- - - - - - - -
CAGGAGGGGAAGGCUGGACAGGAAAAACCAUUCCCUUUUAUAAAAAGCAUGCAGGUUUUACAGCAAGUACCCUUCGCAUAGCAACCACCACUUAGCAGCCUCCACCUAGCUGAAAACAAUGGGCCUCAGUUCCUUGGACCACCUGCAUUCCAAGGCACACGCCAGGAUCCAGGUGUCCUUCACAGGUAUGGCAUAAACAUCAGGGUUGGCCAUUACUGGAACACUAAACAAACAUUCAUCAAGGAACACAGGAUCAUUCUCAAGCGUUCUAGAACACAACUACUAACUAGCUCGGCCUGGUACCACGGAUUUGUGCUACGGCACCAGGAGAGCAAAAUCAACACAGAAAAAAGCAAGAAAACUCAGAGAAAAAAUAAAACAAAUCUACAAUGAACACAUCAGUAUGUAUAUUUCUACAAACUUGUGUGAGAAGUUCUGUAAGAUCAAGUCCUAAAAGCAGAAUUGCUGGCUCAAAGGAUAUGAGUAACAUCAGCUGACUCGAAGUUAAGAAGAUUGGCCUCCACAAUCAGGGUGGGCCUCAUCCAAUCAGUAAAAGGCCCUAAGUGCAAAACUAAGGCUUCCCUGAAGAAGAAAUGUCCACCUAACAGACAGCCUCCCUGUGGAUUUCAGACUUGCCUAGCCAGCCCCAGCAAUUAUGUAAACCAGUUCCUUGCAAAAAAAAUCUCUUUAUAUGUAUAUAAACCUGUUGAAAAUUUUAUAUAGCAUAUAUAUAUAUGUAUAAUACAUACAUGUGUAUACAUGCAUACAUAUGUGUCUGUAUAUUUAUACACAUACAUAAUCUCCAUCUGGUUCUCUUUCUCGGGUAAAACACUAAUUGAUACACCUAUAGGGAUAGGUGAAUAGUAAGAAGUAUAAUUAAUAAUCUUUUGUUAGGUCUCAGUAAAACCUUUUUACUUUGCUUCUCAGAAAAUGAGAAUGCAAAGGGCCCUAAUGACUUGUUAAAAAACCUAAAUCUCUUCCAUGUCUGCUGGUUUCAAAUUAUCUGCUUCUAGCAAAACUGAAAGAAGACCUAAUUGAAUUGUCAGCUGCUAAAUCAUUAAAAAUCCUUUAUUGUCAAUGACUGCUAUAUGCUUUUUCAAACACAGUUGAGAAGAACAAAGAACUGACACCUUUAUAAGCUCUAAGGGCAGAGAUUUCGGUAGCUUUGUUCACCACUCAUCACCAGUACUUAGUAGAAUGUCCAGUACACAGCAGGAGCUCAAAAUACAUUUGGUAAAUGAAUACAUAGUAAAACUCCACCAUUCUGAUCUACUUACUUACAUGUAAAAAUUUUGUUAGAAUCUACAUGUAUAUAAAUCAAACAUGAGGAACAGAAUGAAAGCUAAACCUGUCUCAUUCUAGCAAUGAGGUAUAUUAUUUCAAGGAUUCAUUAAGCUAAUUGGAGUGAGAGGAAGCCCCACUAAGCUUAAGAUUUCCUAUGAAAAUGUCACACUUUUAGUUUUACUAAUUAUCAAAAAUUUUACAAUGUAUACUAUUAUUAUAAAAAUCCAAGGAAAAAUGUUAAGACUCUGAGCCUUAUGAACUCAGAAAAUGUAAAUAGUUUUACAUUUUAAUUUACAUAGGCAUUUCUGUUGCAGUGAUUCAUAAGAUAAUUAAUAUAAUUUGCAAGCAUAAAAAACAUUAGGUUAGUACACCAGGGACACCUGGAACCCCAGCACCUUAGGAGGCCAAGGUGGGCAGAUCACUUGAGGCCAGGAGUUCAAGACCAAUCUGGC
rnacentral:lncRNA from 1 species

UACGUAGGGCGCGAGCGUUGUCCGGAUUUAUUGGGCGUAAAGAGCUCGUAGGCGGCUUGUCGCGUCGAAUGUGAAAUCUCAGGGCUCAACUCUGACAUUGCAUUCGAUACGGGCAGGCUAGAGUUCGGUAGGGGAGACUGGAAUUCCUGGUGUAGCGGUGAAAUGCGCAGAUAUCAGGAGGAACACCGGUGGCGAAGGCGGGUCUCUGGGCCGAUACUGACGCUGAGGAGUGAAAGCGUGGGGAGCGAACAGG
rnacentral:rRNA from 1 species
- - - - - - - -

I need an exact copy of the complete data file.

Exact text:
CAGGAGGGGAAGGCUGGACAGGAAAAACCAUUCCCUUUUAUAAAAAGCAUGCAGGUUUUACAGCAAGUACCCUUCGCAUAGCAACCACCACUUAGCAGCCUCCACCUAGCUGAAAACAAUGGGCCUCAGUUCCUUGGACCACCUGCAUUCCAAGGCACACGCCAGGAUCCAGGUGUCCUUCACAGGUAUGGCAUAAACAUCAGGGUUGGCCAUUACUGGAACACUAAACAAACAUUCAUCAAGGAACACAGGAUCAUUCUCAAGCGUUCUAGAACACAACUACUAACUAGCUCGGCCUGGUACCACGGAUUUGUGCUACGGCACCAGGAGAGCAAAAUCAACACAGAAAAAAGCAAGAAAACUCAGAGAAAAAAUAAAACAAAUCUACAAUGAACACAUCAGUAUGUAUAUUUCUACAAACUUGUGUGAGAAGUUCUGUAAGAUCAAGUCCUAAAAGCAGAAUUGCUGGCUCAAAGGAUAUGAGUAACAUCAGCUGACUCGAAGUUAAGAAGAUUGGCCUCCACAAUCAGGGUGGGCCUCAUCCAAUCAGUAAAAGGCCCUAAGUGCAAAACUAAGGCUUCCCUGAAGAAGAAAUGUCCACCUAACAGACAGCCUCCCUGUGGAUUUCAGACUUGCCUAGCCAGCCCCAGCAAUUAUGUAAACCAGUUCCUUGCAAAAAAAAUCUCUUUAUAUGUAUAUAAACCUGUUGAAAAUUUUAUAUAGCAUAUAUAUAUAUGUAUAAUACAUACAUGUGUAUACAUGCAUACAUAUGUGUCUGUAUAUUUAUACACAUACAUAAUCUCCAUCUGGUUCUCUUUCUCGGGUAAAACACUAAUUGAUACACCUAUAGGGAUAGGUGAAUAGUAAGAAGUAUAAUUAAUAAUCUUUUGUUAGGUCUCAGUAAAACCUUUUUACUUUGCUUCUCAGAAAAUGAGAAUGCAAAGGGCCCUAAUGACUUGUUAAAAAACCUAAAUCUCUUCCAUGUCUGCUGGUUUCAAAUUAUCUGCUUCUAGCAAAACUGAAAGAAGACCUAAUUGAAUUGUCAGCUGCUAAAUCAUUAAAAAUCCUUUAUUGUCAAUGACUGCUAUAUGCUUUUUCAAACACAGUUGAGAAGAACAAAGAACUGACACCUUUAUAAGCUCUAAGGGCAGAGAUUUCGGUAGCUUUGUUCACCACUCAUCACCAGUACUUAGUAGAAUGUCCAGUACACAGCAGGAGCUCAAAAUACAUUUGGUAAAUGAAUACAUAGUAAAACUCCACCAUUCUGAUCUACUUACUUACAUGUAAAAAUUUUGUUAGAAUCUACAUGUAUAUAAAUCAAACAUGAGGAACAGAAUGAAAGCUAAACCUGUCUCAUUCUAGCAAUGAGGUAUAUUAUUUCAAGGAUUCAUUAAGCUAAUUGGAGUGAGAGGAAGCCCCACUAAGCUUAAGAUUUCCUAUGAAAAUGUCACACUUUUAGUUUUACUAAUUAUCAAAAAUUUUACAAUGUAUACUAUUAUUAUAAAAAUCCAAGGAAAAAUGUUAAGACUCUGAGCCUUAUGAACUCAGAAAAUGUAAAUAGUUUUACAUUUUAAUUUACAUAGGCAUUUCUGUUGCAGUGAUUCAUAAGAUAAUUAAUAUAAUUUGCAAGCAUAAAAAACAUUAGGUUAGUACACCAGGGACACCUGGAACCCCAGCACCUUAGGAGGCCAAGGUGGGCAGAUCACUUGAGGCCAGGAGUUCAAGACCAAUCUGGC
rnacentral:lncRNA from 1 species

UACGUAGGGCGCGAGCGUUGUCCGGAUUUAUUGGGCGUAAAGAGCUCGUAGGCGGCUUGUCGCGUCGAAUGUGAAAUCUCAGGGCUCAACUCUGACAUUGCAUUCGAUACGGGCAGGCUAGAGUUCGGUAGGGGAGACUGGAAUUCCUGGUGUAGCGGUGAAAUGCGCAGAUAUCAGGAGGAACACCGGUGGCGAAGGCGGGUCUCUGGGCCGAUACUGACGCUGAGGAGUGAAAGCGUGGGGAGCGAACAGG
rnacentral:rRNA from 1 species